The Marting’s Building that has been a millstone around the neck of Portsmouth City Council and the residents of Portsmouth since the city purchased it in 2002, has been appraised at one-tenth of what the city paid for it. In 2002 the city paid $2 million for the property. Now it has been appraised at $215,000.
The Robert Weiler Company, out of Columbus, did an appraisal of both the Marting’s Building and the Adelphia Building, also owned by the city of Portsmouth, because they had been contacted by Portsmouth City Manager Derek K. Allen to do so.
“I called an appraiser out of Columbus who would not be tied to anything in Scioto County,” Allen said. “He had no vested interest and actually wasn’t familiar with the history. I didn’t want anybody to have any influence over what that document said, because if I got it anywhere down here, they’d say, ‘so and so has an interest. so and so wants to low-ball it,’ so I called one of the top real estate firms in Columbus. So I was getting an impartial objective appraisal.”
Allen said there was a reason to get the appraisal in the first place.
“Last year, somebody came to us and said they had a client interested in potentially buying the Marting’s Building for a retail establishment,” Allen said. “We get kind of odd ball stuff all the time, but this one, according to SOPA (Southern Ohio Port Authority) and us, this was legitimate. So we thought, we need an appraisal, in case anybody would ever come forward saying they were interested in obtaining the building.”
In the same appraisal were appraisals of other properties in Scioto County and comparable properties in other counties.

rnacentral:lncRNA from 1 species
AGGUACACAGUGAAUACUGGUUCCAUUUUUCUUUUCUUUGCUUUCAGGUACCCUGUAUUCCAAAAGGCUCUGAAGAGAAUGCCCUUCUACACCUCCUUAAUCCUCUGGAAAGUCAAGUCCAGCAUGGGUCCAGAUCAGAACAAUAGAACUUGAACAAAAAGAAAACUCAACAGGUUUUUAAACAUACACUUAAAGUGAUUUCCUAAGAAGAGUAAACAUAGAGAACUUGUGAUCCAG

“What they do is, they find comparable properties to the Marting’s Building to compare price,” Allen said.
A history of appraisals goes back to May 1996 when a Hillsboro, Ohio company – Rittenhouse and Associates, valued the building at $2,386,000 in their first of two appraisals. In December 2001, John Kizer appraised the building at $762,000. In 2002, Ken Rase valued the property at $1,850,000. Rittenhouse and Associates’s second appraisal of 2002 came in at $2,469,000.
Those figures came from an online blog titled “Follow the Money: a History of the Marting’s Scandal,” written by Andrew Lee Feight, PHD.
“The problem with the Marting’s Building is that it has asbestos in it,” Allen said. “The wiring is antique. The structure is sound. It’s just going to need to be gutted and redone, and that’s very expensive.”
Allen said he heard the cost of tearing the Marting’s Building down was estimated several years ago at around $750,000.
“I don’t want a hole in downtown either,” Allen said. “But we have no plans. I have no intention of moving city hall in there. But I wanted to have an appraisal in case there was anybody who ever expressed an interest in it. We know what the building is actually worth. I have no motivation other than having it ready in case (some one shows an interest). I’d like to have it back on the tax rolls. So if a private entity wants to buy it I am prepared, with an appraisal, to take it to (City) Council.”
The company also appraised the Adelphia Building, at $150,000. That building was donated to the city by Dr. Herbert Singer through Portsmouth attorney and former city council member Mike Mearan.
“That’s mainly the lot. I think they’ll tear the building down,” Allen said. “They have somebody who has expressed interest in that – the lot and the building. There’s a parking lot to the north. I think they would tear the building down, so you’re buying it for the property, not for the building.”
Allen expressed the same concerns as others, including former members of City Council, have expressed.
“I just don’t think the city ought to be owning all these properties,” Allen said. “We’re not doing anything with them and we have already shown that we’re not very good landlords.”
A couple of years ago, the Daily Times did a complete study of all the properties owned by the city and many of those properties were in total disrepair.
Reach Frank Lewis at 740-353-3101, ext. 1928, or on Twitter @franklewis.